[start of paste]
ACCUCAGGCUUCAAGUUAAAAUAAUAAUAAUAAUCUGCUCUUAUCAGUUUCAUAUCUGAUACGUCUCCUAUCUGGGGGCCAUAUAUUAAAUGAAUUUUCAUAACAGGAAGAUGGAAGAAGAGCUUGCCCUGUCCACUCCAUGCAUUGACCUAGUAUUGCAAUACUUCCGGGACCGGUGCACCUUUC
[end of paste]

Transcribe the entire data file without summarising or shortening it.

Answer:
ACCUCAGGCUUCAAGUUAAAAUAAUAAUAAUAAUCUGCUCUUAUCAGUUUCAUAUCUGAUACGUCUCCUAUCUGGGGGCCAUAUAUUAAAUGAAUUUUCAUAACAGGAAGAUGGAAGAAGAGCUUGCCCUGUCCACUCCAUGCAUUGACCUAGUAUUGCAAUACUUCCGGGACCGGUGCACCUUUC